This weeks landmark Supreme Court (SCOTUS) decision on gay marriage may have a very interesting unintended consequence according to freepatriotpost.com.
First, lets talk about the decision. SCOTUS determined that states may no longer enforce bans on same sex marriages. That’s good. It was about time. Marriage is a personal choice and government should never had the right or power to determine marriage rights in the firsts place, whether black and white, gay, bi, trans or even polygamous or polyamorous.
Everyone should have the right to pursue happiness in their own way in a free country whether the rest of society likes it or not. And yes, those who don’t like it; also have a right to say so.
The SCOTUS decision was based on Section I of the 14th Amendment to the U.S. Constitution which reads in part:
…No state shall make or enforce any law, which shall abridge the privileges or immunities of citizens of the United States; nor shall any state deprive any person of life, liberty, or property, without due process of law; nor deny to any person within its jurisdiction the equal protection of the laws.
BearingArms.com says that means the same applies to gun rights protected by the same amendment. Someone with a concealed carry permit in Texas, can move to Puerto Rico or any other U.S. territory and continue to exercise concealed carry rights.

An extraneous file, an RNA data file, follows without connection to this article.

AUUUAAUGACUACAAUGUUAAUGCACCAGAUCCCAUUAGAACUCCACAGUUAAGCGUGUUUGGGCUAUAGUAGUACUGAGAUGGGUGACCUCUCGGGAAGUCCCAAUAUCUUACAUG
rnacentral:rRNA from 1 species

Using the same “due process clause” argument as the Supreme Court just applied to gay marriage, (the authors) concealed carry permit must now be recognized as valid in all 50 states and the District of Columbia.
U.S. territories are often treated differently than states in many ways. However, a recent court decision in Puerto Rico (detailed here) declared Puerto Rico’s ‘ley de armas’ unconstitutional because it violated the second amendment of the U.S. constitution.
The combination of these two decisions should automatically mandate the Commonwealth to begin issuing concealed carry permits on the island. ‘Should’ is the operative phrase.
Before stepping out and risking life and Liberty, it might make sense to let the legal system sort this one out a little bit longer. But it would be interesting to see someone apply for a concealed carry permit on the island and get rejected and then take it to court using this weeks decision on marriage as the reason the limit on concealed carry firearms in Puerto Rico should be overturned.
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